Occupying the empty, rear yard of a terraced house in the historic seaside town of Deal in south England, this project is the brainchild of architect Rupert Wheeler of architecture studio Mackenzie Wheeler. The Deal house is an entirely new build, and cuts a distinct yet respectful figure on its residential street. Carefully inserted in the sleepy road, the contemporary residence is a compact two-bedroom, two-storey home that offers a new take on its typology.
The commission came from a retired couple, who were after a modern, practical and smaller structure in the back garden of what was their – much larger – main home. With much less need for space and lots of bedrooms, the clients were keen to emphasise seamless function and light in this new scheme. ‘[The new home] should offer a sequence of generously sized and light-filled spaces without any of the dark and unused spaces or awkward staircases that characterised their previous home,’ says Wheeler.
Negotiation with neighbours and a variety of situations around the property, given the new house’s infill nature, were critical in the design development, the architects explain: ‘The design challenge was to create an engaging, deceptively spacious and naturally lit sequence of interiors within a complex configuration of adjoining properties, where resolving the many issues of light, privacy, party walls, flood risk, listed buildings and Conservation Area status posed as much of a challenge as fulfilling the client’s brief.’
Inside, local Kentish red brick anchors the property to its site and, left exposed, offers a utilitarian aesthetic of material honesty and rich texture. Large-scale concrete tiles and a ceiling of exposed oak structural framing add to this effect, while balancing between an industrial look and domestic warmth. Living spaces are located on the ground floor, with bedrooms and bathrooms upstairs in a fairly conventional layout arrangement.
At the same time, a high front garden wall conceals the home from prying eyes and ensures the contemporary structure feels discreet from the street’s side. The only thing peeking above the brick wall is the geometric, timber louvre-clad upper level, which makes sure that enough natural light comes into the spaces within, while appearing enticingly mysterious from the outside.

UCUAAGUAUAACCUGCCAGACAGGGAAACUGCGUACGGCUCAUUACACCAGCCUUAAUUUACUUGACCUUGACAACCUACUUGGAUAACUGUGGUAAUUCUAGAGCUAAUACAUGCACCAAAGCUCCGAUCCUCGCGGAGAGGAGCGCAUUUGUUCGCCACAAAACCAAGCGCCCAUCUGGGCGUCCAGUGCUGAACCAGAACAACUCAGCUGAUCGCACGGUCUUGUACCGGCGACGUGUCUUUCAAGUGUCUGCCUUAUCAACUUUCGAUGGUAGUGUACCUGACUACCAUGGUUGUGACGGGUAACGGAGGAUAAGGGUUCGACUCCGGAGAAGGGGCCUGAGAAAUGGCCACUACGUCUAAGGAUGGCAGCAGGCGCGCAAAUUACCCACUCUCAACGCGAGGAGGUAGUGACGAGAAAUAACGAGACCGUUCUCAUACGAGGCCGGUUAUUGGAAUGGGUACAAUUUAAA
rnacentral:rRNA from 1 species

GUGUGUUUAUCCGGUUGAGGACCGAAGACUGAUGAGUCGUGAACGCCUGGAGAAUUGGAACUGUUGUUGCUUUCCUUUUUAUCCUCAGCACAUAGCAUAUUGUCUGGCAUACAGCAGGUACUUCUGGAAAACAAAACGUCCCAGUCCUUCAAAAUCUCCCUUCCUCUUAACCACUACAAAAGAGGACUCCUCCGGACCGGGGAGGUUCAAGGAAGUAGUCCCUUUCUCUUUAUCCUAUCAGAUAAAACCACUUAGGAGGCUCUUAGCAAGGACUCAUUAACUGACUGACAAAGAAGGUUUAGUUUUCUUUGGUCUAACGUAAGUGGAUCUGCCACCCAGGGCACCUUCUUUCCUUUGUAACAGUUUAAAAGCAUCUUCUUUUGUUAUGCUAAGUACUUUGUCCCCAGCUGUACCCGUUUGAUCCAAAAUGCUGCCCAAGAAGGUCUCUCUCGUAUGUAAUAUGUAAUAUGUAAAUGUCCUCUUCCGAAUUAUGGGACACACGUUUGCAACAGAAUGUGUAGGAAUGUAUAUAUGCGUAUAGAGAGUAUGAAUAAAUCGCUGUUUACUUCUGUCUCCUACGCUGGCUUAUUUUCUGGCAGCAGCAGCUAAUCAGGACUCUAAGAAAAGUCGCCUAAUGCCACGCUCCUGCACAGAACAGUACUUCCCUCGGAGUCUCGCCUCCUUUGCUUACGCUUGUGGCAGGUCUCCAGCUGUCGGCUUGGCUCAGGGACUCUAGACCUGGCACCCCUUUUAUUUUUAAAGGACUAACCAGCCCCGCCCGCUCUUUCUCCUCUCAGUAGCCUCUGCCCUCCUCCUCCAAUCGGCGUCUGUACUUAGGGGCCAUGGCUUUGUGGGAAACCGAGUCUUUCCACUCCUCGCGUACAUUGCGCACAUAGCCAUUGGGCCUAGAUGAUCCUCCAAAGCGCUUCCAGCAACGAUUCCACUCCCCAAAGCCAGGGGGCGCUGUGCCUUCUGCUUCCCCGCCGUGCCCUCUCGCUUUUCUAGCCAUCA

mackenziewheeler.co.uk (opens in new tab)
Ellie Stathaki is the Architecture Editor at Wallpaper*. She trained as an architect at the Aristotle University of Thessaloniki in Greece and studied architectural history at the Bartlett in London. Now an established journalist, she has been a member of the Wallpaper* team since 2006, visiting buildings across the globe and interviewing leading architects such as Tadao Ando and Rem Koolhaas. Ellie has also taken part in judging panels, moderated events, curated shows and contributed in books, such as The Contemporary House (Thames & Hudson, 2018) and Glenn Sestig Architecture Diary (2020).
How Augustinus Bader became a billion-dollar brand in four years
Cult skincare brand Augustinus Bader has just become one of the biggest businesses in beauty
By Mary Cleary • Published
Bentley Mulliner Batur is a ‘revolution’ for the brand, says director of design Andreas Mindt
The Bentley Batur is the ultimate expression of Bentley’s Mulliner division, a majestic two-door car that could light the way to an all-electric future
By Nargess Shahmanesh Banks • Published
Roll up! It‘s the Faro Modernist Weekend’s inaugural edition
Faro Modernist Weekend, a festival dedicated to mid-century architectural delights in the Portugal’s Algarve, has just launched its first iteration
By Stacy Suaya • Published